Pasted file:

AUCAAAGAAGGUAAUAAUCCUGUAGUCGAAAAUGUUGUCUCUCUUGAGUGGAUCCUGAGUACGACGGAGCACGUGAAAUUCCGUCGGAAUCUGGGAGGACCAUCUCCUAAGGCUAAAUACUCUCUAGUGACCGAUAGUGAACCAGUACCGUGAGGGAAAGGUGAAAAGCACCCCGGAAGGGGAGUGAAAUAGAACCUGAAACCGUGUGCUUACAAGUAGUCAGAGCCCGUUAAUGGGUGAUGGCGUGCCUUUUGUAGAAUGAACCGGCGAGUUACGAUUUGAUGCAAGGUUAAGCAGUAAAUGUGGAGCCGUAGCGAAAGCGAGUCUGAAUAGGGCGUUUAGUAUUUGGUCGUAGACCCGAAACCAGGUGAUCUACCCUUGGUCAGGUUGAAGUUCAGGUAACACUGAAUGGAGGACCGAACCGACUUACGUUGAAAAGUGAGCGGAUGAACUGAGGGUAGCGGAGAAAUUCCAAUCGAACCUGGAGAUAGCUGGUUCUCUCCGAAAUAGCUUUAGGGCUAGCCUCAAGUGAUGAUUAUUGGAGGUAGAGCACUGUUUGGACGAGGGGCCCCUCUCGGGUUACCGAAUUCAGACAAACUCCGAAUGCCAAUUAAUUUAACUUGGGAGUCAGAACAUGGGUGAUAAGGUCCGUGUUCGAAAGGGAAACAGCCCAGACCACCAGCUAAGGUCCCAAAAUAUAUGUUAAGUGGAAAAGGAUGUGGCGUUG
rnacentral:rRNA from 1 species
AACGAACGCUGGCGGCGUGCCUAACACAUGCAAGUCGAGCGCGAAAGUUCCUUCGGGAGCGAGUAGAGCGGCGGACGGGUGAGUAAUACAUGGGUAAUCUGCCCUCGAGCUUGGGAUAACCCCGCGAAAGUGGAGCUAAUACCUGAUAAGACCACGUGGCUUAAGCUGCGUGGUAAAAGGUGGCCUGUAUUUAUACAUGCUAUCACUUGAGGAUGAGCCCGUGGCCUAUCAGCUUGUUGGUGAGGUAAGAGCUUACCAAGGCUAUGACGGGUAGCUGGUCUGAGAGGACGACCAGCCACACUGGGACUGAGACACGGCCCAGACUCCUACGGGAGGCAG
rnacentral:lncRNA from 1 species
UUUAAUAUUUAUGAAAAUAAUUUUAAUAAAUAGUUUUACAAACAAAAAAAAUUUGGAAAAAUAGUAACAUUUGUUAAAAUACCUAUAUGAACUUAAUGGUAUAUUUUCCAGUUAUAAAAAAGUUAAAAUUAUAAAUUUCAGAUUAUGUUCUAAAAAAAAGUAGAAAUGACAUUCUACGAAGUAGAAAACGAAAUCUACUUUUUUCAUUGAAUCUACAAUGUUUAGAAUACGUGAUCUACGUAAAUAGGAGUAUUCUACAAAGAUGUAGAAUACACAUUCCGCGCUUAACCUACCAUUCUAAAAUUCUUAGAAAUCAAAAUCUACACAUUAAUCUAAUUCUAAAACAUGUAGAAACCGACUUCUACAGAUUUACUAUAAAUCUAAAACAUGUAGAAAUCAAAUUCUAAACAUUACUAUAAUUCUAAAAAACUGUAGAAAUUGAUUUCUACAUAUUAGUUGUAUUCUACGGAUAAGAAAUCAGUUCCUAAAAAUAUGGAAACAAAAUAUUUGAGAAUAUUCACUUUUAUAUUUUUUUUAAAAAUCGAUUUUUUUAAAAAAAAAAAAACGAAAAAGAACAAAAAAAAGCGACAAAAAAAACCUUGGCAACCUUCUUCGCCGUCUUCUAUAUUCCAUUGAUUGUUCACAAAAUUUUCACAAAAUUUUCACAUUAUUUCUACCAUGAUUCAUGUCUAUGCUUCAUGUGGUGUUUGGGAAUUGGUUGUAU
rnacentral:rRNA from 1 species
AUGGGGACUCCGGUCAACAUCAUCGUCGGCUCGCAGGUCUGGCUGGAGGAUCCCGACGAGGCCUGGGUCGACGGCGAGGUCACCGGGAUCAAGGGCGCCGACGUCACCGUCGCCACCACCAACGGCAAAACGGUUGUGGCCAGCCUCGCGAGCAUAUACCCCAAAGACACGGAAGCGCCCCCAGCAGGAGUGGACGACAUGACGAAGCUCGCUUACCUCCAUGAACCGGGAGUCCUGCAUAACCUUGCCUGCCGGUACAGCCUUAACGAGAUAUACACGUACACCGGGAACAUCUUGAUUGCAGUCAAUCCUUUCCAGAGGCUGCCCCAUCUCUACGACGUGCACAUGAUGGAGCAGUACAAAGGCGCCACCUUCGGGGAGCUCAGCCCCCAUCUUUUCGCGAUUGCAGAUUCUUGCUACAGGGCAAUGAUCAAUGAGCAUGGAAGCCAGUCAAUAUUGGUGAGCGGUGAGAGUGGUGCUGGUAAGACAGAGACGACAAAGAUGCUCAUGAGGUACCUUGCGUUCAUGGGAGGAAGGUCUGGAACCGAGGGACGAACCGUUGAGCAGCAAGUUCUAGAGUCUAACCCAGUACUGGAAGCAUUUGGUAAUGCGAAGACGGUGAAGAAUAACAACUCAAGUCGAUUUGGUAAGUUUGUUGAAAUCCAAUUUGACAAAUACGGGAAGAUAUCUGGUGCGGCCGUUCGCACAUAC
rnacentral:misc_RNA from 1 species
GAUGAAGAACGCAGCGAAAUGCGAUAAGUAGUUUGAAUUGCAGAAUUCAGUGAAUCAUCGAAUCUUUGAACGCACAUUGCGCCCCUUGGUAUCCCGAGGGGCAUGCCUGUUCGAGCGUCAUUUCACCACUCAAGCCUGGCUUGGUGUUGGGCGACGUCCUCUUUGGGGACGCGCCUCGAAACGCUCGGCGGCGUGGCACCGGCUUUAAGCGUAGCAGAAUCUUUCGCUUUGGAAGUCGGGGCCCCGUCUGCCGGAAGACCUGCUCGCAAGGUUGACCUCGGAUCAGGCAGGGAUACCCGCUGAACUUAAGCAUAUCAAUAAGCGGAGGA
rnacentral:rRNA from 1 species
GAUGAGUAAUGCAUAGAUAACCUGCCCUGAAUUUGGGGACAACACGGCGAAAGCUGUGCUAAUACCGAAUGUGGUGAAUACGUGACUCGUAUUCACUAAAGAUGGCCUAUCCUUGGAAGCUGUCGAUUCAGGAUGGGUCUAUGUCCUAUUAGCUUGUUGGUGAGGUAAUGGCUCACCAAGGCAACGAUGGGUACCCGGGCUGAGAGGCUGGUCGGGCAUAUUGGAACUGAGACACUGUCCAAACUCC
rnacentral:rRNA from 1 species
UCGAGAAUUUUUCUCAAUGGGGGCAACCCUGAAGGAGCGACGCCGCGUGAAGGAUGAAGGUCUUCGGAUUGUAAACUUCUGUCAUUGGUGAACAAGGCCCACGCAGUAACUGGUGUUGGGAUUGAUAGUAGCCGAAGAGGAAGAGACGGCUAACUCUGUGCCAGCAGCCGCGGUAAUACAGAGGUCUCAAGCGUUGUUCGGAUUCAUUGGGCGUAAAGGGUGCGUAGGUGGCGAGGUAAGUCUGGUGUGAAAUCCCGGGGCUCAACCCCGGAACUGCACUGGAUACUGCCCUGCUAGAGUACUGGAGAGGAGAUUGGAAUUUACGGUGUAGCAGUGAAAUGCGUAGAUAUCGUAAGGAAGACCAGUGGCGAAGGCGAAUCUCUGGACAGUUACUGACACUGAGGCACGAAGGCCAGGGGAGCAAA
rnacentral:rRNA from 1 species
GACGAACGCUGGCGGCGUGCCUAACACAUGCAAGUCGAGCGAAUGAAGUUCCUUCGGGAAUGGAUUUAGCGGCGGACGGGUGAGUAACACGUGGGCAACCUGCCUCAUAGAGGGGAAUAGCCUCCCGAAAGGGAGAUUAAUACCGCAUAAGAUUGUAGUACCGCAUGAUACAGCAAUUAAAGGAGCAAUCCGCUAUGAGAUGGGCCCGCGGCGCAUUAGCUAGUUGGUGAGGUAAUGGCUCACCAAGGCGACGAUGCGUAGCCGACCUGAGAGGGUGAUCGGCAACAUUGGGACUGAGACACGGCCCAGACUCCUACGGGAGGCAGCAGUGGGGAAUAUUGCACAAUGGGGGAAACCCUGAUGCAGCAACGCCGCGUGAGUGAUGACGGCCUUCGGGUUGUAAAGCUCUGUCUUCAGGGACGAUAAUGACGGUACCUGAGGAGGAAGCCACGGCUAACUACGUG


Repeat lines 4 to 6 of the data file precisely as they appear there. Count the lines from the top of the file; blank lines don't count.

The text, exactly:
rnacentral:lncRNA from 1 species
UUUAAUAUUUAUGAAAAUAAUUUUAAUAAAUAGUUUUACAAACAAAAAAAAUUUGGAAAAAUAGUAACAUUUGUUAAAAUACCUAUAUGAACUUAAUGGUAUAUUUUCCAGUUAUAAAAAAGUUAAAAUUAUAAAUUUCAGAUUAUGUUCUAAAAAAAAGUAGAAAUGACAUUCUACGAAGUAGAAAACGAAAUCUACUUUUUUCAUUGAAUCUACAAUGUUUAGAAUACGUGAUCUACGUAAAUAGGAGUAUUCUACAAAGAUGUAGAAUACACAUUCCGCGCUUAACCUACCAUUCUAAAAUUCUUAGAAAUCAAAAUCUACACAUUAAUCUAAUUCUAAAACAUGUAGAAACCGACUUCUACAGAUUUACUAUAAAUCUAAAACAUGUAGAAAUCAAAUUCUAAACAUUACUAUAAUUCUAAAAAACUGUAGAAAUUGAUUUCUACAUAUUAGUUGUAUUCUACGGAUAAGAAAUCAGUUCCUAAAAAUAUGGAAACAAAAUAUUUGAGAAUAUUCACUUUUAUAUUUUUUUUAAAAAUCGAUUUUUUUAAAAAAAAAAAAACGAAAAAGAACAAAAAAAAGCGACAAAAAAAACCUUGGCAACCUUCUUCGCCGUCUUCUAUAUUCCAUUGAUUGUUCACAAAAUUUUCACAAAAUUUUCACAUUAUUUCUACCAUGAUUCAUGUCUAUGCUUCAUGUGGUGUUUGGGAAUUGGUUGUAU
rnacentral:rRNA from 1 species